Amber snails [RN]. This picture on the gallery.
Sometimes amber snails (Succinea or Oxyloma) can be found, that attract attention by their largely swollen tentacles, laterally striped by pulsating rings. This phenomenon is because of an infection of the snail by a parasitic distome, Leucochloridium paradoxum, the green-banded broodsac.
Leucochloridium spec. Picture: Christian Fuchs .
Sporocyste tubes of Leucochloridium dissected from the ten-
tacles of an amber snail. Picture: Christian Fuchs .
This parasitic worm belongs to the group of flatworms (Plathelminthes), and among these to the distomes (Trematoda, Digenea).
Similar to other flatworms, the development of a distome also passes a change of generations, where one generation infects a snail as intermediate host, and one generation infects a warm-blooded animal, in this case a bird, as final host.
The bird, with its droppings, spreads the distome's eggs, of which hatch the ciliated larvae or miracidia. Those then infect a snail living near the water.
Out of the snail's digestive system, the miracidia wander into the main digestive gland and change into the next larval stage, the cercariae. Those gather in sporocyste, long tubes, that extend into the snail's tentacles. Several hundred cercariae can be contained in one of those sporocyste tubes.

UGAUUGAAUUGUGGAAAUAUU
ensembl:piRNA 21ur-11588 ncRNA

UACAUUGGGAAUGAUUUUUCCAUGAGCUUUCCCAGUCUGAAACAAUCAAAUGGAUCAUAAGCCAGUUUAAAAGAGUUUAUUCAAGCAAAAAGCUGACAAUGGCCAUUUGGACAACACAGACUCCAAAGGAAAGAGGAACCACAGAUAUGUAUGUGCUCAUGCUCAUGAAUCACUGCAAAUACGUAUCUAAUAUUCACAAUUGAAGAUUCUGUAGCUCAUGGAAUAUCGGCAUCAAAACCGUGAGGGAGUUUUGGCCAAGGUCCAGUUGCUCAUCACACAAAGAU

The sporocyste tube is what can be seen pulsating in the snail's tentacles. The tentacles, swollen by the sporocystes, cannot be withdrawn by the snail, but instead attract a bird by their eye-catching colouring and movement. The bird rips off the snail's tentacle, and as a reward, is infected by the cercariae within.
In the bird's digestive system adult distomes evolve from the cercariae, that reproduce sexually and lay eggs, which are then spread by the bird's droppings. The circle is closed.
The amber snail distome certainly is one of the less harmful trematodes, unless seen from the perspective of an amber snail, that is. But by the same system, much more harmful trematode parasites develop, that may well mean a harm to man or his animals, as we describe in the other pages in this chapter.